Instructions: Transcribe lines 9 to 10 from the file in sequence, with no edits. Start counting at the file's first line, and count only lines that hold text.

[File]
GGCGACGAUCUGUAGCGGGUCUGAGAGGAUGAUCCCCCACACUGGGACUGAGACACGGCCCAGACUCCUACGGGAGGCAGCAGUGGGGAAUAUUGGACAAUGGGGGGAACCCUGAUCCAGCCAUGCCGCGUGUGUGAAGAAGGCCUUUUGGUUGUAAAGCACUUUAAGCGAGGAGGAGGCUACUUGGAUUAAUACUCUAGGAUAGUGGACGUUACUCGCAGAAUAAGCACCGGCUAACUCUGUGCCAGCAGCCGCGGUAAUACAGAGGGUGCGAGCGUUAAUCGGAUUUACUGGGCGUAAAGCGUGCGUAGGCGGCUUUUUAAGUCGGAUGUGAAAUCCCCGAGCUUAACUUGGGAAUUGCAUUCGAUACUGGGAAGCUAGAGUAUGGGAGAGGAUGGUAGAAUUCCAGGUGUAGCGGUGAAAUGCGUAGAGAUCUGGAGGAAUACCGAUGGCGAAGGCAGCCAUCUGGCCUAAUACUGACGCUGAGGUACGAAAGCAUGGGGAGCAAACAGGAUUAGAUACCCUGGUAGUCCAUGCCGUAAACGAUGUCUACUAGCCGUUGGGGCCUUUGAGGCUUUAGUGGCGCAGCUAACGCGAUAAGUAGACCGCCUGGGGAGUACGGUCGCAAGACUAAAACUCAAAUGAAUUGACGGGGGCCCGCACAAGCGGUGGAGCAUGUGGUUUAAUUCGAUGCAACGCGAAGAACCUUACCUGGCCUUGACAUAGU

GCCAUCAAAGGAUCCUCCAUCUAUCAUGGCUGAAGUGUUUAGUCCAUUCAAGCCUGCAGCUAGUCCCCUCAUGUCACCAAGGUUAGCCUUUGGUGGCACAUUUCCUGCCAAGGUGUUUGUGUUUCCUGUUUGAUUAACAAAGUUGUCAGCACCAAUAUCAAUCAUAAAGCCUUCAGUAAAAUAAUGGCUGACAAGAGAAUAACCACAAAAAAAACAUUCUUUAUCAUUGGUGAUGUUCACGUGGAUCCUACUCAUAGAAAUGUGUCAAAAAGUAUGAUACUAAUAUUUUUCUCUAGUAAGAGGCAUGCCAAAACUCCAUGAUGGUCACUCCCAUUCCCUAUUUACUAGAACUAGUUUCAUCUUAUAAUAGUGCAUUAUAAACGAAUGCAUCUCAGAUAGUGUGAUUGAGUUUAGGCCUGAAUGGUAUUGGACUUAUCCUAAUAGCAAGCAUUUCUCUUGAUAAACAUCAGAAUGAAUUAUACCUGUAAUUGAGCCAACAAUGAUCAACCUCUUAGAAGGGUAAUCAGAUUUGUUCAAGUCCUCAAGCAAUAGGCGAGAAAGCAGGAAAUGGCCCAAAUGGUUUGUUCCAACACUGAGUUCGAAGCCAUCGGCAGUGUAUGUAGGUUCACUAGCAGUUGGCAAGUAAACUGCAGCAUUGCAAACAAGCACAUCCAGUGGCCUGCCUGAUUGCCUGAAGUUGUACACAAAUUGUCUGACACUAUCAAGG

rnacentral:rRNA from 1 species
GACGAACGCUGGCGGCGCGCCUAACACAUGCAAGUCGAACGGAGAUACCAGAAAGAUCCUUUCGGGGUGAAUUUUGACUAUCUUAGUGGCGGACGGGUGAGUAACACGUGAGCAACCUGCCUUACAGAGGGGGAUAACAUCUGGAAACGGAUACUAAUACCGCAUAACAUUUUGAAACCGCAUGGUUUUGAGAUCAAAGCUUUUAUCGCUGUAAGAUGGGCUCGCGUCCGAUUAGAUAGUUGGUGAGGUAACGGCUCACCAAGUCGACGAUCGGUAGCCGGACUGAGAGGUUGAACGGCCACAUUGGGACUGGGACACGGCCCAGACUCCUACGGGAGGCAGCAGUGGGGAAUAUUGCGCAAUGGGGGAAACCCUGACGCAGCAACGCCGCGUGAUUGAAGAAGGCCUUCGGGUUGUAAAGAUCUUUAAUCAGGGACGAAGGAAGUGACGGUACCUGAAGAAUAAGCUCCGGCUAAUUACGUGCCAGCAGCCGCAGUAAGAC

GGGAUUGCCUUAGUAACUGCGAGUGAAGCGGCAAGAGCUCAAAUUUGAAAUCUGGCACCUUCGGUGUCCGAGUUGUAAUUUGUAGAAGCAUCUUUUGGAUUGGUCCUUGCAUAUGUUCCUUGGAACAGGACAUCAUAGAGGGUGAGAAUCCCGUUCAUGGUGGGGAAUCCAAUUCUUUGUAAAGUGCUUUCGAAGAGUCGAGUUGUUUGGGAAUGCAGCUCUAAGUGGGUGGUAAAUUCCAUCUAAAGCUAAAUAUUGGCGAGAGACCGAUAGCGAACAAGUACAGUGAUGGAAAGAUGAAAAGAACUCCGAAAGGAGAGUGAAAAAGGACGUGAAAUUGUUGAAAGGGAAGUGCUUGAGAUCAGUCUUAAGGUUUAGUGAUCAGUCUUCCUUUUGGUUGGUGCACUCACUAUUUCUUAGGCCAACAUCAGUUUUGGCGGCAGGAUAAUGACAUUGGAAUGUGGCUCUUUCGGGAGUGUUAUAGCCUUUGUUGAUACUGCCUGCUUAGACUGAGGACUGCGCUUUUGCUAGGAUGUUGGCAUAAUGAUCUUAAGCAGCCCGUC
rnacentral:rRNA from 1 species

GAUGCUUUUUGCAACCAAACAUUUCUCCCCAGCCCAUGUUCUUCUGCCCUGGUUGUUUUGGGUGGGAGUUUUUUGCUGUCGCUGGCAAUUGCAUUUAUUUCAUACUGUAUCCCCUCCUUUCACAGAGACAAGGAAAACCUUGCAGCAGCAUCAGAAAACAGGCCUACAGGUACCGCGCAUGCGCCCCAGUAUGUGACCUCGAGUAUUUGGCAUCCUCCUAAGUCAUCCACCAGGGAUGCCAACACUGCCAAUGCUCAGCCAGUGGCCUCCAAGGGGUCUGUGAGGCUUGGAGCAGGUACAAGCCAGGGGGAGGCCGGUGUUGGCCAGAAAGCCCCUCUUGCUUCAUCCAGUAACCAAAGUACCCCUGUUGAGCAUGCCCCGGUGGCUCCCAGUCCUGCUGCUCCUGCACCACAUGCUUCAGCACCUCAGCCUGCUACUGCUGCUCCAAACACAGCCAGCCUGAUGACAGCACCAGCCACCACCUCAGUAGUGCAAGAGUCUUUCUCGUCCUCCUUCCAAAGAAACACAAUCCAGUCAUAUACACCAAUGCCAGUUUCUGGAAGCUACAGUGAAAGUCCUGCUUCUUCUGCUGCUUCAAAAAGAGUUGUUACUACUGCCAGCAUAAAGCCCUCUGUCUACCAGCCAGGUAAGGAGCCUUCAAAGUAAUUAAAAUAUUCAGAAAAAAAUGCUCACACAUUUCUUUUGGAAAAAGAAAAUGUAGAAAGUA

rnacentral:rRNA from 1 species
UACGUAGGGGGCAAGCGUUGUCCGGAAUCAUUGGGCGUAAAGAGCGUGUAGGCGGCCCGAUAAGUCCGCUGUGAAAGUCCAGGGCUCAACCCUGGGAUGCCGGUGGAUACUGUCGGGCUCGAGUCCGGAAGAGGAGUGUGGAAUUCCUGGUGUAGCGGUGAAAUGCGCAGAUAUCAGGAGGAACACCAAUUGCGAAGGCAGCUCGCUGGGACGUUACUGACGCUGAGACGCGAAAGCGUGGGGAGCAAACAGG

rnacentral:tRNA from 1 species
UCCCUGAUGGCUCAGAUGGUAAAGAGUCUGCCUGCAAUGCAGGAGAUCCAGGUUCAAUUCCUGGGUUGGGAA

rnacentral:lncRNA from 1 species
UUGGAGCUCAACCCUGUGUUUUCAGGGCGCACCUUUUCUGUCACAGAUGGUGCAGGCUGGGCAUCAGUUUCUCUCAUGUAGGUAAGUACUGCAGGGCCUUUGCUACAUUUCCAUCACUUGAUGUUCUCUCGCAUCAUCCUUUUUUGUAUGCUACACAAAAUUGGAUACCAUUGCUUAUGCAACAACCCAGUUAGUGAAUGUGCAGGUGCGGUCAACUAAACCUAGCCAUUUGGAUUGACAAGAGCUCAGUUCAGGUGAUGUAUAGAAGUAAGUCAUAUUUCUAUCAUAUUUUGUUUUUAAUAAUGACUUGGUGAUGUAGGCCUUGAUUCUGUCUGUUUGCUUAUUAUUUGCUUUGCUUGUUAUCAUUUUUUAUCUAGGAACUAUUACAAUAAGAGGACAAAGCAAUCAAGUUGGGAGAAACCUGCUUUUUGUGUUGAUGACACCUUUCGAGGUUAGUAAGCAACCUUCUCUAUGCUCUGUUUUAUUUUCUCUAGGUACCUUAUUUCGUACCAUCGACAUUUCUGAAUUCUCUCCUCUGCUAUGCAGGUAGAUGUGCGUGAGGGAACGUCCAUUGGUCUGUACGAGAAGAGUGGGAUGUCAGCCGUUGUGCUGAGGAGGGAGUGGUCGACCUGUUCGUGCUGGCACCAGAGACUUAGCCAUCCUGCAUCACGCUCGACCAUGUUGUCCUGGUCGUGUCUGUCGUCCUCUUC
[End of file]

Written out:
UACGUAGGGGGCAAGCGUUGUCCGGAAUCAUUGGGCGUAAAGAGCGUGUAGGCGGCCCGAUAAGUCCGCUGUGAAAGUCCAGGGCUCAACCCUGGGAUGCCGGUGGAUACUGUCGGGCUCGAGUCCGGAAGAGGAGUGUGGAAUUCCUGGUGUAGCGGUGAAAUGCGCAGAUAUCAGGAGGAACACCAAUUGCGAAGGCAGCUCGCUGGGACGUUACUGACGCUGAGACGCGAAAGCGUGGGGAGCAAACAGG

rnacentral:tRNA from 1 species